# I want to reduce two modules into one. The first is an equation; the second takes the integral of this equation [duplicate]

``````#include <stdio.h>
#include <math.h>

double f(double x){
return (x*x);
}

double integrateF(double (function)(double) ){
double area;
double x_width;

int k; // Counter necessary for For-Loop
int n; // # of bars

double min; // Limit min
double max; // Limit max

printf("Please enter the limit minima, 'a'==>\n");
scanf("%lf",&min);
printf("Please enter the limit maxima, 'b'==>\n");
scanf("%lf",&max);
printf("Please enter # of bars needed to span [a,b]==>\n");
scanf("%d",&n);

x_width=(max-min)/n;

for(k=1;k<=n;k++){
area+=function(min+x_width*(k-0.5));
}
area*=x_width;

return area;
}

int main(void){
double resultant;
resultant=integrateF(f);
printf("The value of the integral is: %f \n",resultant);
return 0;
}
``````

Evening all,

My first module consists of the function (x^2). The returned value proceeds onto integrateF(f), which then initializes the second module. This is when things get messy...

What does this line do?

double integrateF(double (function)(double) ){

Important note: My program runs smoothly but I have no idea why because of this line.

Is there any way I can remodel this code to exclude my first module AND this odd line (and whatever needs to go can go as well) so I only have the integration module that nests the (x^2) function.

My main(void) module can stay, of course.

-

## marked as duplicate by NullUserExceptionOct 13 '12 at 21:47

Your integrant method takes as parameter a function pointer, that can be any that is compliant with the definition of the parameter it takes, in this case, any function that takes a unique parameter of type double and returns a double.

This is what the parameter in integrateF specifies.

In my opinion, I would keep the design as is. In this way you can change the function you integrate in a very clean way.

If you have no option then, replace:

``````      area+=function(min+x_width*(k-0.5));
``````

``````      value = min+x_width * (k - 0.5);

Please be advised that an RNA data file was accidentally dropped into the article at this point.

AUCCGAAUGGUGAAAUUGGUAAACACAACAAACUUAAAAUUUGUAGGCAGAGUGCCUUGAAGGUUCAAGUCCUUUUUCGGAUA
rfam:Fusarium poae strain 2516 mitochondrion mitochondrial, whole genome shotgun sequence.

value *= value;
area += value;
``````

where value is a double, declare like:

`double value;`

and integrateF will not require any parameters.

``````double integrateF()
``````
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My assignment asks me to combine these two functions, unfortunately. – user1742525 Oct 12 '12 at 23:32
check the edition of the answer – Picarus Oct 12 '12 at 23:42

Another opinion also has merit. integrateF is written now in such a way that it can be extracted to another library and compile separately from function f. If you never expect it to happen you can rewrite integrateF like this:

``````double integrateF(){
``````

...

``````area+=f(min+x_width*(k-0.5));
``````

...

function f does not need changes. When you want to integrate another function (not x*x) just modify body of f() and recompile the whole program.

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This is a fantastic improvement, thank you. However, it's still required to somehow incorporate the module 'f' in the module 'integrateF', somewhere... From what I see, the main function initializes the variable 'resultant', then this variable requests the use of the module 'integrateF', and this module requests the use of 'f', correct? My main function can only request one module, so merging is necessary. – user1742525 Oct 13 '12 at 0:17
@user1742525: You are using some interesting "non-traditional" terminology to say the least. But good effort! What you call 'module' (f and integrateF) are actually functions (the same as main()). resultant variable is not initialized - it is assigned. = is used in that line for assignment operator. It is called initialization when = is used in declaration like `int i=1;` Not the variable requests the use of f but the expression on the right side of assignment calls the function f. – farfareast Oct 13 '12 at 3:10
Long story short: instead of line `area+=f(min+x_width*(k-0.5));` write two lines: `double x = min+x_width*(k-0.5);` and `area += x*x;`. Definition of the function f() `double f(double x){...}` in the beginning of the file you can delete. – farfareast Oct 13 '12 at 3:19